It’s with profound sadness that we announce the passing of Margarette Anne, a loving and devoted mother and friend to all. She passed in her sleep on August 10, 2010, at age 100. Born in England, she served in the Women’s Force during World War II where she assisted soldiers near London. While serving, she met her beloved husband, Frederick who fought in the front lines. After the war, the married couple immigrated to New York where they settled in Albany. Margarette loved being a mother to Phyllis and Albert, and everyone will attest to her abilities to manage it all without batting an eyelash. She loved to cook, knit, and host her local book club. She volunteered with the Albany Women’s Shelter, vowing to help as many women as possible during her time on earth. She was devoted to her family and her community, and she will always be remembered for her service to others. A funeral will be held at her daughter’s home on August 20 at 2 PM. Her family welcomes flowers and donations to be sent to the Albany Women’s Shelter where a plaque is being hung in Margarette’s honor. Her legacy is proof that any one person can have a profound impact on those around them. 

Arnold Hough told his last joke on April 10, 2010 age 40. Though he fought until the very end, cancer finally got the best of him. He died like he lived: by his own rules. He passed at home, despite the wishes of his doctor, surrounded by his wife and children. Defiant until the end, Arnold is remembered by his family for his courage, kindness, and commitment to getting the last laugh. Though he was only on the earth for a short while, he made sure to fit as many lifetimes as possible into that time frame. Born in 1970, he joked his way through school, decided to drop out of college after just one semester. His “gap year” turned into a never-ending search for the next biggest adventure. From cliff jumping in South America to shark diving in Africa, there was nothing Arnold didn’t do. He didn’t even slow down when he met his love, Amy. They married in 2000 and traveled together for several years before settling down to welcome their daughter Charlotte. Committed to his family and his friends until the end, Arnold was always there to break the ice, tell a joke, or just lend a helping hand. His family plans to scatter his ashes in the ocean this summer, and an intimate funeral is held for close loved ones. In lieu of flowers, Arnold requested friends and family send their favorite jokes to his beloved daughter, Charlotte. 

Where Can You Post an Obituary?

Now that you know how to write an obituary, where can you post it? In today’s world, you have more options than ever before. You can choose as many places as you’d like to post your obituary, and this is entirely up to your family’s wishes.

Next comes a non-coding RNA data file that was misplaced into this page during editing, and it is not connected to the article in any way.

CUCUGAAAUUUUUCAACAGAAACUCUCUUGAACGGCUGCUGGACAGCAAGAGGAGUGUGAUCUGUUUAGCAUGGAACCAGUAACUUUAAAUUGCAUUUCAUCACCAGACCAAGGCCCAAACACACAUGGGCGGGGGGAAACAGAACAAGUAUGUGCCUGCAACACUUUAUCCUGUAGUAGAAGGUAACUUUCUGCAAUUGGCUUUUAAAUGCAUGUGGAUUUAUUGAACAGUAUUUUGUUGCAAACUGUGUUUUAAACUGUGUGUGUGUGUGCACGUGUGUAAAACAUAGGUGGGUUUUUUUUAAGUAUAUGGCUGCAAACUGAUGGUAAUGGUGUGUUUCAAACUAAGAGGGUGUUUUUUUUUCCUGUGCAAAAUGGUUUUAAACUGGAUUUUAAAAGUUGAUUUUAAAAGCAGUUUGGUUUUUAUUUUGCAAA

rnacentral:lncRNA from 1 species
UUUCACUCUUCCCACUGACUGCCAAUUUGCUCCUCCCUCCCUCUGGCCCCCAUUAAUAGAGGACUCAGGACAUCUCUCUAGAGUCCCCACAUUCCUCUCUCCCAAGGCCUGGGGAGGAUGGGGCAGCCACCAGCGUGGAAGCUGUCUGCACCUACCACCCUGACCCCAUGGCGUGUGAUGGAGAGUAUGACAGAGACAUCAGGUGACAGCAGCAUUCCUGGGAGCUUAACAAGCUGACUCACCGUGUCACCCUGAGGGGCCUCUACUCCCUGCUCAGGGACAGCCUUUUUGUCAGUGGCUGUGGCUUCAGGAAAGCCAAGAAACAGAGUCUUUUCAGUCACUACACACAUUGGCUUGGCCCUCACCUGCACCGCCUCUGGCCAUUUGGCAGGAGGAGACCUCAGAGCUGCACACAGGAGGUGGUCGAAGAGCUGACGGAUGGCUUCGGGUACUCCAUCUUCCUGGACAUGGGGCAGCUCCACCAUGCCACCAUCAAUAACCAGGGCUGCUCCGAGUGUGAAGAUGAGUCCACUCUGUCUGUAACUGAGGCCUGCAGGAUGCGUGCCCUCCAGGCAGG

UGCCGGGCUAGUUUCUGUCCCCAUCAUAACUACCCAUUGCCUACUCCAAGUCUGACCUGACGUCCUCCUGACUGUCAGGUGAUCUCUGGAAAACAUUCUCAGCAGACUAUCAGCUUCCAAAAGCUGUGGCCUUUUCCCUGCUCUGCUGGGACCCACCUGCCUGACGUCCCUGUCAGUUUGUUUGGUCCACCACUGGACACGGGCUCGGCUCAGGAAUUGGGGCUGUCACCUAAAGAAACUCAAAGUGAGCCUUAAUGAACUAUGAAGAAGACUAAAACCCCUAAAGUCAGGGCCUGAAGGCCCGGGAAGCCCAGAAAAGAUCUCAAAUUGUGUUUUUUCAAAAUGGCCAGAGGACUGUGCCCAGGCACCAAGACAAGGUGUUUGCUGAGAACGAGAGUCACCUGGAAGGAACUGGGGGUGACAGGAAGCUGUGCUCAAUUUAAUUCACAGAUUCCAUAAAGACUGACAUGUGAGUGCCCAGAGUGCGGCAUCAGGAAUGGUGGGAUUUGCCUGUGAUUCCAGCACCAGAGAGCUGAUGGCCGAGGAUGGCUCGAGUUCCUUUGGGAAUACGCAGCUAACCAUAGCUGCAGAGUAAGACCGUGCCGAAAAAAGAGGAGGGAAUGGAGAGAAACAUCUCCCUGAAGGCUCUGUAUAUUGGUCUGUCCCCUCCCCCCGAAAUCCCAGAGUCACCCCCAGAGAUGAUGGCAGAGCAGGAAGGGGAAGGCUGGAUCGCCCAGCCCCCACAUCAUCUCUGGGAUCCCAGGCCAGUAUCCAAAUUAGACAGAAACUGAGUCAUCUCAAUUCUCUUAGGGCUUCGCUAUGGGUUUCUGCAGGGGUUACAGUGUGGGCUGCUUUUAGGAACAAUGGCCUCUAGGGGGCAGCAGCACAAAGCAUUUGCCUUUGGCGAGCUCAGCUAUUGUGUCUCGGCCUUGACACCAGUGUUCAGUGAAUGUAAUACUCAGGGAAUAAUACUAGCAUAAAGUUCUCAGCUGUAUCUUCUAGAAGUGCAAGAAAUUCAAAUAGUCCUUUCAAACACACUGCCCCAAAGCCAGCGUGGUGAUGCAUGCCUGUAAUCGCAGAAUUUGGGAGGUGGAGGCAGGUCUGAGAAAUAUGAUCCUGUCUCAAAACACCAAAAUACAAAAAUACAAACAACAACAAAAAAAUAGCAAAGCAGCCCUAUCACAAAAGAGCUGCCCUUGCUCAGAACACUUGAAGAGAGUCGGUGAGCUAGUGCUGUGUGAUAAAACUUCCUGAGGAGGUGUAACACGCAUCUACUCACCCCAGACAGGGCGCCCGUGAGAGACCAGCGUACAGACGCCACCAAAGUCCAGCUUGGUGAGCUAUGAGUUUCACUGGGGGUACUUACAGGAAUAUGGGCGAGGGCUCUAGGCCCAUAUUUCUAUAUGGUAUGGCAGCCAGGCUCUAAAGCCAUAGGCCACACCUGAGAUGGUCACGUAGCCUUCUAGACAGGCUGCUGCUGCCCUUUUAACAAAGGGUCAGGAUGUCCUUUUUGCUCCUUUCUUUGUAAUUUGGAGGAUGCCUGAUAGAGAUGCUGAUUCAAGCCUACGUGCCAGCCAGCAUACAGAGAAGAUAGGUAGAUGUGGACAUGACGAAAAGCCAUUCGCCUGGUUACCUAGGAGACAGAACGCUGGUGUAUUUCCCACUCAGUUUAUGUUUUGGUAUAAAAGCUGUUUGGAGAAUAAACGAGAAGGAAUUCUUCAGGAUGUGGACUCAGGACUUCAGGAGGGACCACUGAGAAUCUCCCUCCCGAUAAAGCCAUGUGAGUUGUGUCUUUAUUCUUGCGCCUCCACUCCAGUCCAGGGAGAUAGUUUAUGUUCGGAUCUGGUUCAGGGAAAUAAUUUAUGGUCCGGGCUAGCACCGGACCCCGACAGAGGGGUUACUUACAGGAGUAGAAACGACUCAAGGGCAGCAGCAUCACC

First, the most traditional place to post an obituary is in a newspaper. Print publishing has always been used as a way to update the community about deaths for the past hundred years, and the same is true today. Though this option isn’t free, it can be worth creating a permanent print memorial. 

However, you’ll need to review the specific requirements of the editor before you submit your newspaper obituary. Many obituaries limit the number of words, photos, and more. This can be more limiting than other publishing options. 

» MORE: Grief can be lonely. Create space for your community to share memories and tributes with a free online memorial from Cake.

Online memorial site

Next, you can also post an obituary online. Today, there are many online memorial websites to choose from. These make it possible to share your loved one’s memory in a meaningful way digitally. Because it’s entirely online, you can share your obituary with friends, family, and more. 

Many online memorial sites also have extra features. These include donation tools, media uploads, and guestbooks. All of these perks make this a low-cost, easy-to-use option. Slowly but surely, this is becoming more popular than traditional newspaper publishing. 

Social media

Last but not least, more people than ever before are posting obituaries on social media. This makes sense since it’s a platform you already interact with regularly. When you share an obituary on social media, you immediately share this loss with your close circle, eliminating the need for questions while getting support. 

Though relatively new, social media has quickly become a huge part of our daily lives. Expressing your grief digitally is easier than ever, and it can even be a source of real-world comfort after a loss. 

A Written Legacy: Obituaries and Announcements

An obituary is more than just a highlight’s reel. It’s a reminder that every life is important and has meaning. Though limiting one’s entire existence to 200 words (or less) might sound like a challenge, it’s important to read between the lines. 

If you’re writing an obituary or death announcement, use this opportunity to create something truly memorable. It’s these announcements that go on after death. They’re one part of our complex legacies, and they’re a form of remembrance in themselves.